Thinking Out Loud: Frozen Pain Melting Away!
A very interesting article by Gabriella Tal called “The Nature of Hurt” tells about a time when she experienced a serious car accident that left her paralyzed. Her healing journey led her to the work of Peter Levine, author of Walking the Tiger who helped her realize the power of the moment before the car hit her. Looking back at that moment, Gabriela told Peter, “I should have run into the forest! I wish I had run.”
“Run now!” Peter told her. So, internally, Gabriela ran and ran, and in doing so she transformed the internal pain that came with the grief and loss of the accident, as well as “the build-up of energy” in her body from wishing she had run. While emotional healing did not change her physical paralysis, it lifted the burden of her emotional pain. “Hurt is impact. Pain is a reaction to the impact,” writes Gabriela. “Hurt is a moment. Pain is an impressioned lifetime and beyond. Hurt is transcendable. Pain clutches us and holds us, even as … particularly as … we purify our lives and move into more healthy choices. Hurt may be physical or of the mind. Pain is always of the mind.”
The distinction Gabriela makes here between “hurt” and “pain” is a very powerful one. So often, in the face of hurt, we freeze, we shut down. We become like a deer in the headlights of a car, the hurt caused by the magnitude of the impact. The hurt becomes an emotional trauma. When left alone with the hurt and the impact of the hurt, we become the bearers of frozen pain. If we are honest with ourselves, we have experienced this countless times. The loss of a loved one creates heart-wrenching pain, and to have to bear this hurt alone creates a downward spiral of pain. Our hearts feel like a knife is stabbing us on the inside and outside. Even clutching a pillow close to our chest where the pain is cannot comfort or contain the stabbing feeling. We are unable to sleep, unable to relax, unable to do much more than curl up into a ball and breathe, trying to survive the hurt and pain.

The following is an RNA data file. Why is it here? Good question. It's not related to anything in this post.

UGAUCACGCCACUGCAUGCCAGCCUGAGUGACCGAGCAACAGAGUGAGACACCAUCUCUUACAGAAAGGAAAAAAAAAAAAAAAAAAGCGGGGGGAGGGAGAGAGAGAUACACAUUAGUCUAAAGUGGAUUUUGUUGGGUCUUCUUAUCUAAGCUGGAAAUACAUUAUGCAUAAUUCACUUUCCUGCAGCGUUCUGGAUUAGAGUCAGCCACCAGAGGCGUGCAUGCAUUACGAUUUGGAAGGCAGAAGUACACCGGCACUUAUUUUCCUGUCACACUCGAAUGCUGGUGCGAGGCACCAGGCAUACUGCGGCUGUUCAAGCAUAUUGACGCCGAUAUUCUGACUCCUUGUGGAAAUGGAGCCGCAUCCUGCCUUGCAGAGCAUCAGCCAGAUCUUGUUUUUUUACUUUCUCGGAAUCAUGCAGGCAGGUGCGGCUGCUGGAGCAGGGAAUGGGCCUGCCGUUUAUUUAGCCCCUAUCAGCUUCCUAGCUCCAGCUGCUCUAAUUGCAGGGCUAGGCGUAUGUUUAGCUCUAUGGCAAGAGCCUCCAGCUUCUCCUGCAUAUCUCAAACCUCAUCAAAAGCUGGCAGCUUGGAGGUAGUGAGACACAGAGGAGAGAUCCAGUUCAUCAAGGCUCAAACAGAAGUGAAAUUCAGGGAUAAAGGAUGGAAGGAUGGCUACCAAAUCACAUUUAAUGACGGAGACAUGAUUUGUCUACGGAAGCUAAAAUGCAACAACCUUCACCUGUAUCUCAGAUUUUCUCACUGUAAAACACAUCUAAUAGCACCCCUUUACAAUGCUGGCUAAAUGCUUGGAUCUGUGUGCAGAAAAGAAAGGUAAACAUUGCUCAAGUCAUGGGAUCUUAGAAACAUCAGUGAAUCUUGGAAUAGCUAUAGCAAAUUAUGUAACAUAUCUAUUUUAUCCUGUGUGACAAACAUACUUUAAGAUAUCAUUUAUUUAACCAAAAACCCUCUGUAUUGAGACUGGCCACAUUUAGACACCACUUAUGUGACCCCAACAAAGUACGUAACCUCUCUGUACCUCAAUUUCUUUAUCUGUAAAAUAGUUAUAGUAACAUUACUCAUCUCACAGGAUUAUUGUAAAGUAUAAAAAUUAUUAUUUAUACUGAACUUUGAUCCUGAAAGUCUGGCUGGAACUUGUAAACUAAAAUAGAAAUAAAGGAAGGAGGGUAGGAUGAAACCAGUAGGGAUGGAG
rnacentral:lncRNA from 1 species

Though we have a strong heart, as well as strong bodies and spirits, there are times when the sense of loss or grief can overload our circuitry. What results is frozen pain. What a difference it makes when we have a caring friend or loved one there, who can open their arms and hold us. In the safety of their embrace, we can cry, we can scream, we can writhe, and we can release the pain. Their presence provides a safe place to find, to access, and to melt the frozen pain. Beginning with the stabbing feeling in the chest or the shortness of breath that provides a protective layer over the stabbing pain, these loved ones can provide support for the front and back of the heart, creating the space to connect with the memory and the experience of hurt that led to the pain.
The hands on the front and back of the chest can provide the message, “you are not alone.” In receiving that message, we gain access to the hurt, the tears, and the frozen pain. As the hands safely hold the front and back of the heart, the tears can flow, the sobbing can go deep, andwith the tears and the sounds that come with them, the pain can melt and evaporate.
The comforting message of the hands … of support, of connection, of care … replaces the isolation, the loneliness that led to the burden of the frozen pain. Emotional healing can begin. In an ideal world, it would be great to catch the hurt and release it before it gets stuck as it lingers, becoming frozen pain. The greater our emotional literacy, the more we can become “magical strangers” to each other, recognizing the power of a safe and caring embrace to release the hurt in the moment and prevent the lingering pain. This kind of embrace illustrates the importance of face-to-face relating in our increasingly virtual world. An understanding friend in cyberspace can help release some of the tears, but a chain of e-mails is not nearly as sensorily complete as a physical embrace.
So, it is a great wonder of being human that through the wisdom of the heart and body, we can still gain access to a moment of past hurt—whether the past was just a matter of moments or a matter of years. Once accessed, grounded, and supported, a long-held burden can truly melt awake.
John T. Catrett, III
Scissortail Hospice Chaplain
306 North Main Street, Suite E
Bristow, OK 74010